All-Cause Mortality and Cardiovascular Outcomes With Non-Vitamin K Oral Anticoagulants Versus Warfarin in Patients With Heart Failure in the Food and Drug Administration Adverse Event Reporting System.
BACKGROUND: Many patients with heart failure (HF) are treated with warfarin or non-vitamin K oral anticoagulants (NOACs). Randomized outcome-driven comparisons of different anticoagulant strategies in HF are lacking. Data from international, government-mandated registries may be useful in understanding the real-life use of various anticoagulants and how they are linked to outcomes. STUDY QUESTION: To assess 2015 annual all-cause mortality, myocardial infarction, and stroke rates co-reported for warfarin and NOACs in subjects with and without HF in the US Food and Drug Administration Adverse Event Reporting System (FAERS) database. STUDY DESIGN: We extracted and examined outcome cases in subjects with HF and on warfarin, dabigatran, rivaroxaban, apixaban, or edoxaban and stratified these according to anticoagulants. MEASURES AND OUTCOMES: Annual all-cause mortality, myocardial infarction, and stroke in FAERS. ANALYSIS METHOD: Odds ratio (OR) and χχ for oral anticoagulants from FAERS with and without HF among complete primary reports issued in 2015. RESULTS: FAERS reported 137,026 HF cases, with death co-reported in 42,942 (31.3%). In total, 11,278 (8.2%) HF patients were treated with anticoagulants, with more prescribed warfarin (n = 8260) than all NOACs combined (n = 3018). Very few reports for edoxaban were available. Warfarin consistently displayed a signal for excess adverse events compared to NOACs: OR (95% confidence interval) for the composite of mortality, myocardial infarction, and stroke were 1.91 (1.76-2.07) versus apixaban, 1.92 (1.81-2.03) versus dabigatran, 4.09 (3.38-4.37) versus rivaroxaban, and 2.64 (2.53-2.76) versus all NOACs combined (all P < 0.001). Warfarin, compared to all NOACs combined, demonstrated higher rates of all-cause mortality [OR = 2.69 (95% confidence interval, 2.49-2.90)], myocardial infarction [5.30 (4.17-6.74)], stroke [OR = 8.85 (6.61-11.84)], and ischemic stroke [OR = 12.73 (8.87-18.27); all P < 0.001]. CONCLUSIONS: Annual 2015 FAERS profiles in HF patients reveal that warfarin was numerically dominant. Warfarin was associated with higher risk of death, myocardial infarction, and stroke compared to NOACs. These observational data provide real-world insight into a potential safety benefit of NOACs over warfarin in the setting of HF.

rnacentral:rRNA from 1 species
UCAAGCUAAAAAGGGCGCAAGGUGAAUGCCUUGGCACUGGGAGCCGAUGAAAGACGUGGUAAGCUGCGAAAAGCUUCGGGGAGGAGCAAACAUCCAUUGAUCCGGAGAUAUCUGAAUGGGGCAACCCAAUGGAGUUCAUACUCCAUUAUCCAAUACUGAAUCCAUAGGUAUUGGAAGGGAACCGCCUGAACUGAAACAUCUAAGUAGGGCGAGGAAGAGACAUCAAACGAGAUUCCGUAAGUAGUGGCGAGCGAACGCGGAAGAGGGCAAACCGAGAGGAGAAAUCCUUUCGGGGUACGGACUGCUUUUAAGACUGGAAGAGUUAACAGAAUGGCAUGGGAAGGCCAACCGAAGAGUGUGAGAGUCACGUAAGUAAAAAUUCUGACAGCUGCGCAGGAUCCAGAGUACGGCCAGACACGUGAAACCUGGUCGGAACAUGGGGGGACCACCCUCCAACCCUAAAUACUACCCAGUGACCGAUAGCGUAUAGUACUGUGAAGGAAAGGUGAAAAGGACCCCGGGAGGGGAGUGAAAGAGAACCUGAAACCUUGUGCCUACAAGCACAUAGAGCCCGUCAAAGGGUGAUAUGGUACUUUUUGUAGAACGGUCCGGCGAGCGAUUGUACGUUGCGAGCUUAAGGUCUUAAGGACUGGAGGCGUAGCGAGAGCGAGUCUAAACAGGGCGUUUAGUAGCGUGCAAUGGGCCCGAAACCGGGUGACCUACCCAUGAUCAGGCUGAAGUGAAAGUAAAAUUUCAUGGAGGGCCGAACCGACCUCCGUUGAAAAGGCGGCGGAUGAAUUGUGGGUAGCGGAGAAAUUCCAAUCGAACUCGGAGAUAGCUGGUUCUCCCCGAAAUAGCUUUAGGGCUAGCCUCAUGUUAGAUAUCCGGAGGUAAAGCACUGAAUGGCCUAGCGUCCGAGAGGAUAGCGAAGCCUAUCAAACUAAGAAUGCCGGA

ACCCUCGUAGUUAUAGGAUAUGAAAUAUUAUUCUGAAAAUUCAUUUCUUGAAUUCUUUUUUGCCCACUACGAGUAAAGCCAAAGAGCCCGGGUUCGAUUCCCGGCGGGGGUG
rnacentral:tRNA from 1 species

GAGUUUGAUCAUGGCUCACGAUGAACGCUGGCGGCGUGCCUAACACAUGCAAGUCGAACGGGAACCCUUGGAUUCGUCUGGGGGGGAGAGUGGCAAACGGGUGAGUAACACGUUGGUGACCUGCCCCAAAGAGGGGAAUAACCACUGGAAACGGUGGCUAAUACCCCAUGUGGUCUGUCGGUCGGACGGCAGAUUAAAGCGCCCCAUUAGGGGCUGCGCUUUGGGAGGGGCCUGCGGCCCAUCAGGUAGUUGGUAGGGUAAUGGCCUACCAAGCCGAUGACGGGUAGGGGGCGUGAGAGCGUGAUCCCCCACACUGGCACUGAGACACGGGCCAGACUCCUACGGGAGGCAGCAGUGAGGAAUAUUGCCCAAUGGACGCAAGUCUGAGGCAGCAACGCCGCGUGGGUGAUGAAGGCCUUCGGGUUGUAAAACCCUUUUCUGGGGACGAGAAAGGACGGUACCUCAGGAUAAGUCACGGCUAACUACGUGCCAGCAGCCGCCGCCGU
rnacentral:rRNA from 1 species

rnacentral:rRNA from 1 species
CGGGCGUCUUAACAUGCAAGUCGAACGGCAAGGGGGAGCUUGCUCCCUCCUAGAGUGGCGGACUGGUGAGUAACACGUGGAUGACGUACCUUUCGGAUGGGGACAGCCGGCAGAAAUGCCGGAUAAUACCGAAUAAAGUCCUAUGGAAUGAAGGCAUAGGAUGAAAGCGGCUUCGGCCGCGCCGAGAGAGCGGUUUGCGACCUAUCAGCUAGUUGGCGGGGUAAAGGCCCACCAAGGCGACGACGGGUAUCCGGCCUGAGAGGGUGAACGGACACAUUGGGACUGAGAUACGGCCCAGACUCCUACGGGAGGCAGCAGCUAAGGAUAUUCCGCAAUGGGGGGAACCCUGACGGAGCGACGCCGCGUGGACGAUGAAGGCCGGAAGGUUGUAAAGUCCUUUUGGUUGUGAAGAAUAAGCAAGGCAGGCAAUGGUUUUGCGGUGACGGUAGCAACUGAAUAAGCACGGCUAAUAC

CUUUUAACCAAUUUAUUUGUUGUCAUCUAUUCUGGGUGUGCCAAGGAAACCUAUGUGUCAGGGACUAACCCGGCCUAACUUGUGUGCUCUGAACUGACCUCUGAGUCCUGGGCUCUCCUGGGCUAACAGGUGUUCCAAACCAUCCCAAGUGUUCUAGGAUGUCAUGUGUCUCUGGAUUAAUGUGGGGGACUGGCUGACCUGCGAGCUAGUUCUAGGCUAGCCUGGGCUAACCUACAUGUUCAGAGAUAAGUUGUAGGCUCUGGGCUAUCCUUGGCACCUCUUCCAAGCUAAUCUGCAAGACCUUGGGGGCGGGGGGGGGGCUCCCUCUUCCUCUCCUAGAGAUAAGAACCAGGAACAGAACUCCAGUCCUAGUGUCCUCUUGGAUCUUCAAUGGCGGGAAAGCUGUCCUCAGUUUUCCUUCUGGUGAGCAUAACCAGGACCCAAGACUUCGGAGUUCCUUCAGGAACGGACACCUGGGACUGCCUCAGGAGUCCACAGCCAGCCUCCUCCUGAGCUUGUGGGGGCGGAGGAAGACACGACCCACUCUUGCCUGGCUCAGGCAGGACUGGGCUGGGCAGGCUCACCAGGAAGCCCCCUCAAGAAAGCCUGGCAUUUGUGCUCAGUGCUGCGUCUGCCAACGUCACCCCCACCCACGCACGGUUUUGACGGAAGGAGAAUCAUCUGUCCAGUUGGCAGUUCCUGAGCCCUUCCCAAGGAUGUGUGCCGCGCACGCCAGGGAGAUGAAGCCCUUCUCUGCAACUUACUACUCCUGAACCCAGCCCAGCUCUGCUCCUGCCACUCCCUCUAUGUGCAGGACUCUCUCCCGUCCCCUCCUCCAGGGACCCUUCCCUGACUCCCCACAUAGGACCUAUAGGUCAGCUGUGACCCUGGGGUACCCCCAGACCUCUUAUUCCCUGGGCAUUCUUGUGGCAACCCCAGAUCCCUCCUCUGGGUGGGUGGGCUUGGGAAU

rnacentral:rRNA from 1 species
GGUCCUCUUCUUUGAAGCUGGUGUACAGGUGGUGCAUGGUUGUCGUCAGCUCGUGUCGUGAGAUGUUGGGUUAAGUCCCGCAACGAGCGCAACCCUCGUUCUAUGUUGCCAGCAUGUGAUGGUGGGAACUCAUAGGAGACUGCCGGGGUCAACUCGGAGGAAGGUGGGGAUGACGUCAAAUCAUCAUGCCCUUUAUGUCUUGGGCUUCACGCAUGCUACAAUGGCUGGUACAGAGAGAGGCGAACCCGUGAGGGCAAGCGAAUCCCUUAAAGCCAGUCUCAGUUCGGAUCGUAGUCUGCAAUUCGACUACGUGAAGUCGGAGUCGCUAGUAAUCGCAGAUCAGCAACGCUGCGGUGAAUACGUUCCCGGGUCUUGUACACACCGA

von Lueder, TG; Atar, D; Agewall, S; Jensen, JK; Hopper, I; Kotecha, D; Mentz, RJ; Kim, MH; Serebruany, VL
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